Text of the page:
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Nu-Sushi's tuna heaven ($8.95) also tests the limits of cultural taste boundaries. The thin layers of ruby-hued tuna, avocado, and sharp, grassy green onion are enriched with natto, a type of fermented soybean that's known for its distinctly pungent aroma. I've tried to eat natto on a few occasions, and each time, I've failed miserably. Maybe it's the slightly off-color smell or the slimy, stringy filament called neba that coats the beans, but every time my lips touch natto, it's like my stomach is being sent into warp drive: She just can't take much more of this, Captain.
I can appreciate those highly authentic and adventurous dishes at Nu-Sushi. But ending my meal on something closer to home — maybe a hand roll of sweet stone crab ($4.95), the succulent flesh livened by a spicy mayonnaise and scallion — is a reward in itself. When you think about it, that's a pairing not all that different from the mustardy sauce Floridians have been dunking the prized claw meat in for decades.
A few dozen miles north in Boynton Beach sits Sushi Simon, another strip-mall eatery that's received a bit of praise for its ultra-fresh fish. I stopped in on a weeknight to test it out and found the 2-year-old spot full of hard-core sashimi fans looking for a fix.
1312 N. University Drive
Coral Springs, FL 33071
Region: Coral Springs
Sushi Simon, 1614 S. Federal Highway, Boynton Beach. Open for lunch and dinner Monday through Saturday 11 a.m. to 10 p.m. and Sunday noon to 10 p.m. Call 561-731-1819.
Unlike Nu-Sushi, stepping in to Sushi Simon makes you instantly forget that you're dining in a strip mall. The restaurant is romantic and spacious, with high-backed wooden chairs padded with ornate pillows. The effect is so comforting that we practically sank into our table as we sat down to peruse the menu of mostly sushi, sashimi, and specialty rolls.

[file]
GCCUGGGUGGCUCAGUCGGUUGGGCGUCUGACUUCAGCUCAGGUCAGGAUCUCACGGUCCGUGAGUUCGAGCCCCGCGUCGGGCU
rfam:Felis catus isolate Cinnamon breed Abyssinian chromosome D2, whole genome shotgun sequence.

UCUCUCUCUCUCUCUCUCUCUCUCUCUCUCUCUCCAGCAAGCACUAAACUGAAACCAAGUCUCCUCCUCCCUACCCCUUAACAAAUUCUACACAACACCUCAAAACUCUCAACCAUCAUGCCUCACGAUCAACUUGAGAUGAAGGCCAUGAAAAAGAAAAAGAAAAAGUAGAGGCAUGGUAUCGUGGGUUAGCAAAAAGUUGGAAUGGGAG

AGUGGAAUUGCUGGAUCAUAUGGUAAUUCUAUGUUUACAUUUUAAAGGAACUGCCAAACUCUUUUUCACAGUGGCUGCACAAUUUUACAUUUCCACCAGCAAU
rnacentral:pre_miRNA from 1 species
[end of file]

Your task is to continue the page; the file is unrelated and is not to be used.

A small folded menu details the specials for the night, and what they lack in number they make up for in appeal. There was wild-caught salmon ($6), slivers of deep mahogany rich with flavor; and local mutton snapper ($5), which, according to our knowledgeable waitress, was hauled off the boat just an hour before we sat down. Bluefin o-toro, one of the most coveted cuts around, topped off the specials menu at $20 for a generous order of six bite-sized pieces.
You'll notice a startling eye for detail in everything at Sushi Simon, beginning with warm orange and red walls adorned with abstract art and translating to the plating itself. Even typical orders of miso soup ($4) are served in mismatched porcelain bowls so beautiful that you'll want to keep them on the table after you've finished. A daily special of Crazy Lucy soup ($6.50) was basically a large order of that miso broth made elegant with the addition of cilantro, tomato, and a few supple shrimp dumplings. I'm not sure if it was the subtle upgrades or the brilliant, hand-painted bowl it came in, but the ordinarily earthy flavors of miso tasted amazingly sharp and clean.
Our waitress knew the menu inside and out. So when we asked about a special called Boston fluke Morimoto ($20), she said, "That's my favorite!" In it, thin-sliced fluke sashimi, fleshy and vibrant, was seared on the plate with a hand torch and topped with spicy mayo, cilantro, and ponzu, a robust combination of smoky and savory that played out beautifully. Similarly themed Nobu snapper ($22) featured some of that fresh-off-the-boat fish arranged into a circle with wispy strings of beet and a mound of black tobiko-flecked spicy tuna tartare in the center. Everything tasted so good, one of my guests decided to sample a vibrant purple orchid garnish, popping the whole thing in his mouth before we could debate whether it was edible. "It didn't have much flavor at all," he said afterward. I'll stick with the snapper, thanks.
Sushi Simon doesn't have much in the way of hot food, so if you're not craving raw fish, you probably won't leave satisfied. Still, a bowl of edamame ($6.50) salty and juicy in their shells can sate a fix for something more substantial. The place has a decent wine list with crisp whites and sakes, plus big ol' 22-ounce cans of Sapporo and a small list of specialty cocktails like lichee martinis replete with the white-fleshed fruit floating inside. A three-page list of wittily named rolls like the Very Sexy roll and the South Beach roll are mostly variations on common rolls you can get just about anywhere and all rather pricey. I avoided them in favor of something rarer: an order of the o-toro. That stuff melts on your tongue like a thin, oceanic mint. The chef even threw in a ball of fresh-grated wasabi, not that powdered stuff you usually get elsewhere. At $20 a pop, it's a far cry from the cheap sushi joints running up and down the road from Sushi Simon. But it sure beats the hell out of a California roll.